I don’t think Elgar had the personal conviction to produce a worthwhile libretto and a finale of any real drama, engagement or ‘enlightenment’ leaving us with ‘Soft and gently’ by the Angel, and the simultaneous singing of ‘Praise to the Holiest’ by the Angelicals and a Psalm by the Souls. All rather beautiful, but all very fey.

As an aside Elgar was never very precious about his libretto as he made changes that altered its emphasis prior to a performance at the 1902 Three Choirs Festival. Because of objections by the Bishop of Worcester it was ‘purged of “popish” elements’ (as the programme had it). This word would be better spelt in 2005 as ‘Pope-ish’ as ‘pop’ has an altogether different meaning.

This sense of a journey unfulfilled extended to Ben Heppner’s late replacement David Rendall. He has had a long career from Puccini to Otello and Tristan. He voice has always had that bleating quality to it and never more so than in a very nervous ‘Jesu, Maria – I am near to death’ opening. I understand that Gerontius is supposed to go through feelings of desperation, terror, supplication and then exhausted calm. None of these emotions were recognisable from Rendall’s forced, dry, stentorian tones in all his utterances. He looked very uncomfortable and a soul in real torment but he must be given credit for saving the evening.

Whilst Rendall often seemed to be responding to the music and seemed a fraction off the beat, Anne Sofie von Otter was a supremely musical Angel. Perhaps despite her flawless English even she may not have had the oratorio-like fruitiness this mezzo part requires but alongside Alistair Miles’s dark-hued and portentous solos belying his slender physique, she raised the individual vocal contributions just a notch above the ordinary despite such a dispiriting Gerontius.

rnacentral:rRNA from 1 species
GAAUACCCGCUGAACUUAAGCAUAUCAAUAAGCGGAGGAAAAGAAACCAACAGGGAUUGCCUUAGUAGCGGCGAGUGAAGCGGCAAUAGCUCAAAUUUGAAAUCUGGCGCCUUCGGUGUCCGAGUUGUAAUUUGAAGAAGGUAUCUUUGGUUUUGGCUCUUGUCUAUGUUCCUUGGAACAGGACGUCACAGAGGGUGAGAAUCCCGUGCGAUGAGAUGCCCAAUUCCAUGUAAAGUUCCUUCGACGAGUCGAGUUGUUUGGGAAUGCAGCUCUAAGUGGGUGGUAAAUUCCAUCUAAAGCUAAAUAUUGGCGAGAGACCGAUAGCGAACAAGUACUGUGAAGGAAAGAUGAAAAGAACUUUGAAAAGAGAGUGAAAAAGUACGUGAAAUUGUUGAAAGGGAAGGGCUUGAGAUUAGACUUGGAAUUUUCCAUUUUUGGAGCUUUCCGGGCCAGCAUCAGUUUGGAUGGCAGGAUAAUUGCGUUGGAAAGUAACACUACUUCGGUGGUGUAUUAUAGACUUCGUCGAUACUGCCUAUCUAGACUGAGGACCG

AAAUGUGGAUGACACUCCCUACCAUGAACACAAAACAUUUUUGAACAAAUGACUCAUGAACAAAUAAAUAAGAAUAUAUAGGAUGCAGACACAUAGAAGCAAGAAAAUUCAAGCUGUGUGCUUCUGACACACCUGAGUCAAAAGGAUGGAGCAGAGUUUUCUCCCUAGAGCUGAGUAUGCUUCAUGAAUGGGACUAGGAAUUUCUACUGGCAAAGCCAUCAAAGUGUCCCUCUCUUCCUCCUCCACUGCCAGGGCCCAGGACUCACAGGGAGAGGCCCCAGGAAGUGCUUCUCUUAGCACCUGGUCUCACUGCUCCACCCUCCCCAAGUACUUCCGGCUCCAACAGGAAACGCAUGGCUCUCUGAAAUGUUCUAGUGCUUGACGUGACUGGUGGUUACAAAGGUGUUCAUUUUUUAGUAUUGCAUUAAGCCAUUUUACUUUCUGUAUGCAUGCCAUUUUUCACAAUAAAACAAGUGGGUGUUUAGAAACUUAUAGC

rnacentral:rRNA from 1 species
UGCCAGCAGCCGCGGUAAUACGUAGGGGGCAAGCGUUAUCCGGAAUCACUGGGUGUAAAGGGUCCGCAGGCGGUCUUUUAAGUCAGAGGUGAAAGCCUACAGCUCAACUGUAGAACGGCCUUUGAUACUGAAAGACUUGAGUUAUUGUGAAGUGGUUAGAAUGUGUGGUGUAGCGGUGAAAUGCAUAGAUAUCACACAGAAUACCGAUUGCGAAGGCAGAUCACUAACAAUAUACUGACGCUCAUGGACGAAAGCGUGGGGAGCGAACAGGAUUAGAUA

Sir Colin Davis is the latest in a distinguish line of successors to Hans Richter and Edward Elgar himself as principal conductor of the LSO. He clearly relishes this score and was totally blameless as he conjured up a faultless ensemble from his orchestra, as well as, well-projected and characterful singing from the London Symphony Chorus.

In conclusion, I cannot see how it is worth releasing this Gerontius on LSO Live. As disappointing as this would be for Sir Colin Davis, he deserved this to be a success and something to add to his legacy of the fine LSO Elgar symphonies set given away by the sponsors to selected audience members at Sunday’s concert.

 

 

© Jim Pritchard